“Oh Boy, here I go killing again.”
Run, Johnny. Run. The world is out to get you. Hot off the heels of John Wick breaking one of the High Table’s most sacred rules in JOHN WICK 2, JOHN WICK 3: PARABELLUM begins with our boy racing from the consequences. With only an hour left before his excommunicado goes into effect, John is desperately trying to get some footing before a world of assassins come crashing down upon him. Much like how the JOHN WICK franchise continually raises the bar for action films, I will attempt to elevate my review style by listing off the ABC’s of JOHN WICK 3: PARABELLUM. A feat dare not attempted by no sane nerd.
A is for the Adjudicator (played by genderqueer actor Asia Kate Dillon) who embodies the High Table’s displeasure with those who helped John commit that unrighteous murder.
B is for Baba Yaga. The dark side of John Wick (Played by Keanu Reeves) that he must choose to become again in order to survive.
C is for Casablanca. Where John must begin his path to redemption. It’s where he meets Berrada (Yes, it’s Bronn from GAME OF THRONES) and engages in one of the most chaotic fight scenes ever filmed.
D is for Deconsecrated, which the Continental is classified once Winston (Ian McShane) refuses to comply with the demands of the Adjudicator. War?
E is for Excommunicado which John is deemed after breaking the rule of committing murder on Continental Grounds. This is the action that puts the bounty on John’s head and plunges his world into further chaos.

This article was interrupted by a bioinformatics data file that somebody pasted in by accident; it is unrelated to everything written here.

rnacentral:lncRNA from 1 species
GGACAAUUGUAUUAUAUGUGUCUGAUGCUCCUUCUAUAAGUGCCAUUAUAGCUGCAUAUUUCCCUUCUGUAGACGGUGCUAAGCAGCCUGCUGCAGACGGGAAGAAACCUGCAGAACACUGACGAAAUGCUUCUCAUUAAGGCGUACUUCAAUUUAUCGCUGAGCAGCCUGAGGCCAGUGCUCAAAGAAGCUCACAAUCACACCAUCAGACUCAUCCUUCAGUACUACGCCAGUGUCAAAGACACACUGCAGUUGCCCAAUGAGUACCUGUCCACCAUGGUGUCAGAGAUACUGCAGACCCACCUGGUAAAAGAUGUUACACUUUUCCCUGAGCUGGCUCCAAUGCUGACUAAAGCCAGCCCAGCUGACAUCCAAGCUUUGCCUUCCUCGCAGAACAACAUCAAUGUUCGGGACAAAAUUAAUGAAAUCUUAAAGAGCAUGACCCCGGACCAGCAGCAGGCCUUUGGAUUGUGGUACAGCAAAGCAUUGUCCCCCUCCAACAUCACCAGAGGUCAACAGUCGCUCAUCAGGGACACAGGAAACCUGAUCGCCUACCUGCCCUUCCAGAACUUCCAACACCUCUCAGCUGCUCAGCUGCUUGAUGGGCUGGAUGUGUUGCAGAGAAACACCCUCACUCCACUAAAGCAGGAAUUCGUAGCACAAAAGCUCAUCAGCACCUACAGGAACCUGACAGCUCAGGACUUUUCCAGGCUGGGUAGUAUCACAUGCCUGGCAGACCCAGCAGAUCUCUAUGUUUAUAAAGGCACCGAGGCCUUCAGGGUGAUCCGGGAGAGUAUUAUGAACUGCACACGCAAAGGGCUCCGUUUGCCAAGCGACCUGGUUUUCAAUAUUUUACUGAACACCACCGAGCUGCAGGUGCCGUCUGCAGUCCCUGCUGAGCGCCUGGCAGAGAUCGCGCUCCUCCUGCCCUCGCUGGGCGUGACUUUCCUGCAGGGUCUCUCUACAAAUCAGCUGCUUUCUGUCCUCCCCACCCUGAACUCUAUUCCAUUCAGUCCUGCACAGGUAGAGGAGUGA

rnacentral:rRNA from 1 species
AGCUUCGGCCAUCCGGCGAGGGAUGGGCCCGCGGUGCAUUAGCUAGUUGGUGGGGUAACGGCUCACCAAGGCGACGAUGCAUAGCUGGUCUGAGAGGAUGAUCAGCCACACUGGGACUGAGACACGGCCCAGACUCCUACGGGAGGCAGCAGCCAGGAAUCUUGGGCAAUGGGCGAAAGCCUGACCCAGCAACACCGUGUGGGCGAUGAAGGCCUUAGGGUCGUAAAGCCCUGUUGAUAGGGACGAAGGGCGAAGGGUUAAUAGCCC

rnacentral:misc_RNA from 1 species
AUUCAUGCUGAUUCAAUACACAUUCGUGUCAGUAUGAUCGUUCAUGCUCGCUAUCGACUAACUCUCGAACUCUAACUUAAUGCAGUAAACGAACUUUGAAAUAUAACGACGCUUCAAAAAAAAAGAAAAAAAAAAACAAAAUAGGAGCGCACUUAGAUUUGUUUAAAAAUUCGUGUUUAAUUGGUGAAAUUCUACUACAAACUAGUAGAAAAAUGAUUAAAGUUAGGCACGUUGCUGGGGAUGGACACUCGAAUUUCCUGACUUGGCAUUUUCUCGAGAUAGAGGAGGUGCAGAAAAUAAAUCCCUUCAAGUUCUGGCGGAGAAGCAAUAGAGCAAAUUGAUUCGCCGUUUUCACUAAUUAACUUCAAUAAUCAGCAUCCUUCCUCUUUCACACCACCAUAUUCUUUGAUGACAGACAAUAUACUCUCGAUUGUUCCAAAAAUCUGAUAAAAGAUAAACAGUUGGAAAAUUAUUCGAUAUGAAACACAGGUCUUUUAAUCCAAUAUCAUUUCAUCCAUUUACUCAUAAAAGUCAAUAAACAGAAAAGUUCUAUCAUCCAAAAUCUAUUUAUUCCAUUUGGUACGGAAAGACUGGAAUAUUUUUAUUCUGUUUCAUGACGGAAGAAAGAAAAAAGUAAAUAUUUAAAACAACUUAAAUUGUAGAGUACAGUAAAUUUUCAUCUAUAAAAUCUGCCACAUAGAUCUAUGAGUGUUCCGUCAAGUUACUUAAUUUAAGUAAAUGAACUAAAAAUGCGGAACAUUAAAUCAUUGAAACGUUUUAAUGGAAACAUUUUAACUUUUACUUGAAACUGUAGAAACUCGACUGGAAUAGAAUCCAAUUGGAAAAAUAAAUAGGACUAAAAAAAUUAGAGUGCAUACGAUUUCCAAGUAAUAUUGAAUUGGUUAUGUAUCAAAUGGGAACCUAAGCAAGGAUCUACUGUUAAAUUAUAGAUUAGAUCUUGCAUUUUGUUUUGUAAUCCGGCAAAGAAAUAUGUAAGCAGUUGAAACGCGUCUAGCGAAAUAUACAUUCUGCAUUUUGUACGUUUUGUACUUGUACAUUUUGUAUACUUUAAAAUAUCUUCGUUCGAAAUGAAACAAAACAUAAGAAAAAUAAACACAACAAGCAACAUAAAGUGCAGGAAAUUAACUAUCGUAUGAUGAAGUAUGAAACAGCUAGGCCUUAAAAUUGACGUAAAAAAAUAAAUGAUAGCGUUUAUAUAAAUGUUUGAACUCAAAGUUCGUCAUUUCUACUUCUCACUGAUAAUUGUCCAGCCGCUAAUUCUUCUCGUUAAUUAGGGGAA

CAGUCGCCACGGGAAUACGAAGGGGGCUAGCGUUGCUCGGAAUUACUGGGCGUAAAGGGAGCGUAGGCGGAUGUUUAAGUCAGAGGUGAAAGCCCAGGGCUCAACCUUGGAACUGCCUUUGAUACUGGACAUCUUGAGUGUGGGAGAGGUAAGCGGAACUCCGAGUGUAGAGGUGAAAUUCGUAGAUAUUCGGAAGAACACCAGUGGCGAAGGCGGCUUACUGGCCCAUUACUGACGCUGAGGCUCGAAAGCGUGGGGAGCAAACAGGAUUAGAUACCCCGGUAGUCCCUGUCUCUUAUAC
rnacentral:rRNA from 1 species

F is for the Finger that John removes in order to prove his loyalty to The Elder and renew his commitment to the High Table. By going down this path, John is committing his life to their dark will.
G is for guns, which John goes through a lot of.
H is for Horses, which John weaponizes in an outstanding stable fight.
I is for Improvements, which the High Table’s army has undergone. They breach the walls of the Continental in advanced armor that forces John to rethink his tactics. MORE GUNS!
J is for Jardani Jovonovich, which is revealed to be John’s original name. A refugee from Belarus, John was taken in and trained by The Director (played by Anjelica Houston) as a young child. We see that the next generation of “John Wicks” are currently being trained.
K is a Knife fight, which there are plenty. One, in particular, occurs in a knife museum that is brutal and fast and brutal.
L is for Legacy which John grapples with. He fights for his life so that the memory of his wife can live on. It’s a question of what kind of man John wishes to be during that time.
M is for Marker, which John brings to Sofia (Played by Halle Berry) in exchange for her help. Assisting John during his excommunicado means death, so, her decision to help him must mean she owes John a pretty big favor. Or perhaps she questions the rule of the High Table?
N is for Ninjas which there are a lot of hiding in the shadows. The two that stand out are played by Yayan Ruhian and Cecep Arif Rahman (THE RAID). Their fight scene with John is beyond compare and brings a much needed moment of levity to the film.
O is for One Week WHICH IS HOW LONG ALL THREE OF THESE MOVIES TAKE PLACE. Is he eating?
P is for Para Bellum, which is Latin for “Prepare for War.” Which John must do if he ever wishes to regain peace. Parabellum is also a gun word? I dunno.